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2017-Volume 11, Number 1

作者: 文章来源:本站 更新时间:2019年09月27日

Articles

 

Sharing a similar fate: the historical process of the Korean Communists’ merger with the Chinese Communist Party (1919–1936)

 

Zhihua SHEN

 

ABSTRACTIn their early history, the Chinese and Korean Communists had little contact with one another. However, similar fates brought them together, and some Korean revolutionaries in China voluntarily joined the Chinese Communist Party (CCP). After a futile effort to establish a Communist party in Korea, the Korean Communists shifted their attention to Chinese Manchuria. Under extremely difficult circumstances, different factions of the Korean Communist organizations either willingly or under force disbanded. However, after winning support from the Comintern, the CCP recruited a substantial number of Korean Communists. Thus, within a short period of time, the CCP expanded its strength in Manchuria. It also shouldered responsibility for assisting the Korean Communists in their efforts to establish their own party. In the aftermath of the September 18th Incident in 1931 the CCP Central Committee called for an armed struggle against the Japanese invaders. The Korean Communists in Manchuria became a force to be reckoned with. After the CCP gradually shifted the focus of its policy toward the War of Resistance against Japan, the Korean Communists in China became integrated into the CCP army.

 

KEYWORDS: Chinese Communist Party, Korean Communist Party, Sino–Korean relations

 

The politics of the Shanghai courts: the state, local elites, and social networks in Nationalist China, 1927–1937

 

Sei Jeong CHIN

 

ABSTRACTThis article explores the ways in which the Nationalist Party established dominance over the Shanghai courts in the foreign concession area to use them as weapons against political dissidents, and it analyzes the intricate relations among the Nationalist Party, local elites, and the Shanghai courts during the Nanjing decade (1927–1937). Building on recent studies that pay attention to the limited success of the Nationalist Party’s policy of putting the judiciary under Party control, this study demonstrates that the process of establishing the Nationalist Party’s dominance over the Shanghai courts was highly contested. The interplay between the Nationalist Party’s effort to gain control over the Shanghai courts by building formal and informal institutions and the local elites’ appropriation of their own social networks rendered the Shanghai courts vulnerable not only to the Party’s intervention, but also to the influence of social forces. I argue that due to the weak authority of the Shanghai courts, the Nationalist Party’s use of law against political foes could be a double-edged sword.

 

KEYWORDS: Shanghai courts, Nationalist Party, social networks, local elites, Shanghai lawyers, judiciary

 

Lao-Zhuang in the vernacular: two evolutionary readings

 

Jesse J. CHAPMAN

 

ABSTRACTThis article examines evolutionary thinking in Yan Fu and Hu Shi’s readings of the Laozi and the Zhuangzi. While Yan Fu employed a traditional exegetical form and Hu Shi wrote in journals and textbooks, both scholars employed a new, vernacular mode of reading classical texts. This new mode of reading is characterized by four primary features: commensurability, comprehensibility, fallibility, and contemporaneity. Unlike scholars of earlier generations, Yan and Hu treated classical Chinese texts as commensurable with Western thought and readily comprehensible in terms of modern ideas. Yan and Hu approached the Laozi and Zhuangzi as fallible texts subject to evaluation in light of Western ideas and contemporary conditions. Yan argued that the sages should be subjected to the same scrutiny as morally neutral modern scientists, while Hu urged readers to evaluate texts in terms of their pragmatic effects. Both writers highlighted areas of evolutionary thinking in the Laozi and the Zhuangzi, while evaluating the texts in terms of their potential to aid or hinder the evolution of the modernizing Chinese nation-state.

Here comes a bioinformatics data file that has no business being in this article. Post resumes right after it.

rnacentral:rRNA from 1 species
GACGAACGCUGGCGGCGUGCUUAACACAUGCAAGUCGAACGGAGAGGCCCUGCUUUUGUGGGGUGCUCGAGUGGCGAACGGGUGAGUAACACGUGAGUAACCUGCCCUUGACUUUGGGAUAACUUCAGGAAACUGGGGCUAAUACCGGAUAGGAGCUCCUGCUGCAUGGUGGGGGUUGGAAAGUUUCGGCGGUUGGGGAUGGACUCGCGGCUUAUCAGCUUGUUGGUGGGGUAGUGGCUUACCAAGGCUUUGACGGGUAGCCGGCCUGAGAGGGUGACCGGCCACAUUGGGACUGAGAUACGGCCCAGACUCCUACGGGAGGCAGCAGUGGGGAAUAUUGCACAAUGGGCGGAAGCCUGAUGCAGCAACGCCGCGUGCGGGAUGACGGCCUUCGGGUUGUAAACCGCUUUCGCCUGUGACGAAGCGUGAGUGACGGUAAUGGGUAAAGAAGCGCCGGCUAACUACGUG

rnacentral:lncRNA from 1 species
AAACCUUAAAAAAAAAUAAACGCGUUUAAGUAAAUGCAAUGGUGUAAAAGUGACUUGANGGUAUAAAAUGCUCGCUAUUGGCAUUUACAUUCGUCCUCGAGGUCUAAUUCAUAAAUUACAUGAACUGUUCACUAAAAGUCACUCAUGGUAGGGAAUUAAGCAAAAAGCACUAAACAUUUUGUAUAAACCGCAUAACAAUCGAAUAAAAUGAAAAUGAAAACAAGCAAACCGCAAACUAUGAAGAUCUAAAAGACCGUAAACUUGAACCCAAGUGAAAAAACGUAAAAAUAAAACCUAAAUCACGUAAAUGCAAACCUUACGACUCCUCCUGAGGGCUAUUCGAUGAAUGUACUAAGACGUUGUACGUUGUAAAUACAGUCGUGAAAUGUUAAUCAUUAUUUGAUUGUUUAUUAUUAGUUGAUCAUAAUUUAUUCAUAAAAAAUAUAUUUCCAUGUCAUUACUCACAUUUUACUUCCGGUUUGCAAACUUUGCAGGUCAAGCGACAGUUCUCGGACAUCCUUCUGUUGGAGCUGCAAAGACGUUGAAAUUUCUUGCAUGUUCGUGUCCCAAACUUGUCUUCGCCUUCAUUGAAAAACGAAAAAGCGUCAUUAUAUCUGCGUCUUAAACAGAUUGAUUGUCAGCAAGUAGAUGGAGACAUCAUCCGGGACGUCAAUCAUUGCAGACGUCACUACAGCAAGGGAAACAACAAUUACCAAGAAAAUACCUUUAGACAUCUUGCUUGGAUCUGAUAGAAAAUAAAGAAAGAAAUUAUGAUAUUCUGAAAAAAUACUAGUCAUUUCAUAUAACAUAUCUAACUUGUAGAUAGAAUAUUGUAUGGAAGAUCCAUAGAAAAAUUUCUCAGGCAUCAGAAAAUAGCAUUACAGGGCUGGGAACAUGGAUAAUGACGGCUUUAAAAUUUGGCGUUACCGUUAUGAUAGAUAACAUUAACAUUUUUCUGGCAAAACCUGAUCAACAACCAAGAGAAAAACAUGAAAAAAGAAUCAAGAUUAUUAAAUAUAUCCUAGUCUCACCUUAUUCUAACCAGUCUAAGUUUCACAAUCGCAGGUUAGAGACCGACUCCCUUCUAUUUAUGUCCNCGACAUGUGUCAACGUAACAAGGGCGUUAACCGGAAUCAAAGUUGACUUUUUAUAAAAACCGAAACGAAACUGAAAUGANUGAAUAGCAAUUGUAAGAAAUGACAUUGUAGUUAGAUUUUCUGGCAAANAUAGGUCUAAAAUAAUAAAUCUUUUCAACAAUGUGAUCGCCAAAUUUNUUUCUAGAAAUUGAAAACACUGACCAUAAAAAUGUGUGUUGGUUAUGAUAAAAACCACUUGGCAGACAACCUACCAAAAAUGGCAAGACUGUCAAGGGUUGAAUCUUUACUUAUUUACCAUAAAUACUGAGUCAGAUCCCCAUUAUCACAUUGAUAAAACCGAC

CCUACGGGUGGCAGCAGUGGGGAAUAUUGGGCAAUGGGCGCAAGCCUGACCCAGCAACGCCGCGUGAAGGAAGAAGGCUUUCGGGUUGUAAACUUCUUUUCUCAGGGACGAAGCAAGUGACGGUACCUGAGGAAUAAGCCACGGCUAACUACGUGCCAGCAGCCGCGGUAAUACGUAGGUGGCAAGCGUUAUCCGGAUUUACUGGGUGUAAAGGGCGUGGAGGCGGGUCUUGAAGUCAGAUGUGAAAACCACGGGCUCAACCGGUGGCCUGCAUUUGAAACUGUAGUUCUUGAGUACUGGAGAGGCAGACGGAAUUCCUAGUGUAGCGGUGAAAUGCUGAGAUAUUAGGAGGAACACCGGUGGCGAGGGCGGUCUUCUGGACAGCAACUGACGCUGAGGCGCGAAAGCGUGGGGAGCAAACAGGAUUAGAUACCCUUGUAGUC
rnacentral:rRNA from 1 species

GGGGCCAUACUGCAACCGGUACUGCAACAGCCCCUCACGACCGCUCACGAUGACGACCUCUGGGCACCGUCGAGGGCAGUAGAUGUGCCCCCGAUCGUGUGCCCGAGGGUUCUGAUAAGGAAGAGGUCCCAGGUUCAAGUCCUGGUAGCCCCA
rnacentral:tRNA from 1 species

KEYWORDS: Laozi, Zhuangzi, hermeneutics, vernacular, evolution, Social Darwinism, history of science

 

The Nationalist government’s efforts to recover Chinese sovereignty over the islands in the South China Sea after the end of World War Two

 

Qianping CHEN

 

ABSTRACTUtilizing substantial archival materials, this article examines the process through which the Nationalist government reasserted Chinese sovereignty over the islands in the South China Sea, including China’s stationing of troops on Dongsha Island, Yongxing Island, and Taiping Island. Well-prepared militarily, economically, and diplomatically, the Nationalist government achieved this strategic goal after overcoming various difficulties including insufficient ships and funds, unfavorable weather and maritime conditions, and the obstruction of the French colonial government in Vietnam. The Nationalist government also sent technicians to survey the islands and map out the sphere of Chinese maritime territory in the South China Sea, and it built two weather stations. These actions were publicized on December 1, 1947. During this process, the government of the United States adopted a policy of acquiescence due to its close collaboration with China. When the French government occupied one of the Xisha Islands and attempted to take firmer action, the United States and Britain pressured France to make concessions to China, which led the French government to seek a diplomatic solution.

 

KEYWORDS: Nationalist government, War of Resistance against Japanese Aggression, sovereignty over the South China Sea, affirmation of South China Sea territorial sphere